United States District Court, E.D. Michigan, Southern Division
ORDER GRANTING IN PART AND DENYING IN PART
PLAINTIFF'S MOTION TO COMPEL (DKT. 32) AND GRANTING IN
PART AND DENYING IN PART DEFENDANT'S MOTION TO COMPEL
A. GOLDSMITH United States District Judge.
matter is before the Court on the Government's motion to
compel (Dkt. 32) and Defendant Quicken Loans Inc.'s
motion to compel (Dkt. 33). A hearing on these motions was
held on May 22, 2017. The Court addresses each motion in turn
and, for the reasons stated below, grants, in part, and
denies, in part, both of the parties' motions.
STANDARD OF DECISION
Rule of Civil Procedure 26 allows for broad discovery in
litigation, including “any nonprivileged matter that is
relevant to any party's claim or defense and proportional
to the needs of the case[.]” Fed.R.Civ.P. 26(b)(1).
Although Rule 26 was amended in 2015 to include a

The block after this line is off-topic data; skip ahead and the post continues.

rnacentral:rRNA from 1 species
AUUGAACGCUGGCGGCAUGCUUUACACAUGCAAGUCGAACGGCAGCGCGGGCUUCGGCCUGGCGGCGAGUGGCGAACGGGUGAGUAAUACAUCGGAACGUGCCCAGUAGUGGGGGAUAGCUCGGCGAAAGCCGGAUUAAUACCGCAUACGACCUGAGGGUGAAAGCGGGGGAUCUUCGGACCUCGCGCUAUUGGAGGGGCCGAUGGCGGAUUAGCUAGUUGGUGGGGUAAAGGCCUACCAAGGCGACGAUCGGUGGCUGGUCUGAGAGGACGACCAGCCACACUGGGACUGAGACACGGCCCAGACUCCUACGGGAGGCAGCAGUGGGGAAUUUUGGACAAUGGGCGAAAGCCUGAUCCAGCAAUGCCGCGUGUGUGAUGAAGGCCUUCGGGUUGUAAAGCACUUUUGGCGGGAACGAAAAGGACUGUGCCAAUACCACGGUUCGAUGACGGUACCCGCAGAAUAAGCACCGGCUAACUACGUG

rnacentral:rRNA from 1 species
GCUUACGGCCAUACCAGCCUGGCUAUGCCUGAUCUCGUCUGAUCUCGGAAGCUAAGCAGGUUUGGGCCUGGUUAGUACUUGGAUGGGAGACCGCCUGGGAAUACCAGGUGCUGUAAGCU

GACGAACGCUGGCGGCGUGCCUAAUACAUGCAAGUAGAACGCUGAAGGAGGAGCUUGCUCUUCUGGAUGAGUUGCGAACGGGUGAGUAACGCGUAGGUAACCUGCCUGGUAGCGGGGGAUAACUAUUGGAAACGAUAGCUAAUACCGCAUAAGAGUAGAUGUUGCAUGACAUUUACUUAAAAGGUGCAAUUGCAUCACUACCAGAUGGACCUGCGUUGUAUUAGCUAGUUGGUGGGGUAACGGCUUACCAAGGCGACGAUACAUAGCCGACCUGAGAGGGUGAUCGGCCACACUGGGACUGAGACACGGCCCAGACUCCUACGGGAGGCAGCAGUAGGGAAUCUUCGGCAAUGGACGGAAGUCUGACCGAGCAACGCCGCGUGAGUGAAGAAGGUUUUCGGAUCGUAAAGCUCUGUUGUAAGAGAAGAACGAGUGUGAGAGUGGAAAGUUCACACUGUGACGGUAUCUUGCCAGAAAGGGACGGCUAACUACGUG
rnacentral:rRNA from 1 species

“proportionality” requirement, the “basic
tenet that Rule 26 is to be liberally construed to permit
broad discovery” remains unaltered. State Farm
Auto. Ins. Co. v. Warren Chiropractic & Rehab Clinic,
P.C., 315 F.R.D. 220, 222 (E.D. Mich. 2016); Martin
v. Bimbo Foods Bakeries Distribution, LLC, 313 F.R.D.1,
5 (E.D. N.C. 2016) (“The rules of discovery, including
Rule 26, are to be given broad and liberal
construction.”). Relevance, in turn, “has been
broadly construed to encompass any possibility that the
information sought may be relevant to the claim or defense of
any party.” Martin, 313 F.R.D. at 5;
Tucker v. Momentive Performance Materials USA, Inc.,
2016 WL 8252929, at *2 (S.D. W.Va. Nov. 23, 2016) (same).
ruling on discovery-related motions, the district court has
broad discretion to determine the proper scope of discovery,
including whether a “discovery request is too broad and
oppressive.” Surles ex rel. Johnson v. Greyhound
Lines, Inc., 474 F.3d 288, 305 (6th Cir. 2007);
Lewis v. ACB Bus. Serv., Inc., 135 F.3d 389, 402
(6th Cir. 1998).
analyzing the parties' motions, the Court utilizes these
principles, including specifically the Rules' heightened